Patent Drafter Estoppel: Why Didn't Sage Products Create a New Foreseeability Limitation on the Application of the Doctrine of Equivalents?


This article reviews the 1997 Federal Circuit Case of Sage Products v. Devon and the case law that has followed it. There is some belief among patent practitioners that Sage Products created a new legal doctrine limiting the application of the doctrine of equivalents in patent infringement cases. The new doctrine, sometimes referred to as “patent drafter estoppel,” would bar the application of the doctrine of equivalents any time an accused equivalent structure should have been foreseen by a reasonable patentee. Federal Circuit case law since Sage Products has diverged into two lines of thought: one that supports the thinking that Sage Products did create a new limitation on the doctrine of equivalents, and one supporting the belief that Sage Products was an unremarkable decision merely applying existing limiting doctrines to the doctrine of equivalents. The distinction is not unimportant, since the doctrine of equivalents is used very frequently—in fact, almost universally—in patent infringement litigation. Thus, the existence of a new and poorly understood legal doctrine barring the application of the doctrine of equivalents in many cases would have an extraordinary impact on the practice of patent law. This article reviews the cases decided since Sage Products and determines that the Federal Circuit has not actually created any new foreseeability limitation on the doctrine of equivalents. Further, the article analyzes the purported new doctrine in light of United States patent law policy and determines that the patent system is better off without such a doctrine.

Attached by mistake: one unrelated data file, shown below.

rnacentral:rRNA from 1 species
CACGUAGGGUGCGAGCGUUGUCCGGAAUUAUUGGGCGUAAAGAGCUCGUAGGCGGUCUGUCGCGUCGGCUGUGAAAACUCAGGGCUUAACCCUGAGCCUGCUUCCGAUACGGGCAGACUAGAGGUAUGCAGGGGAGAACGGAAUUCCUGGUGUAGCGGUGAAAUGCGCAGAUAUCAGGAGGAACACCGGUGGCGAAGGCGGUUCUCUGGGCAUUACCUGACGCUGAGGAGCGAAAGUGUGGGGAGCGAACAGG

Intellectual Property Law

Date of this Version

February 2006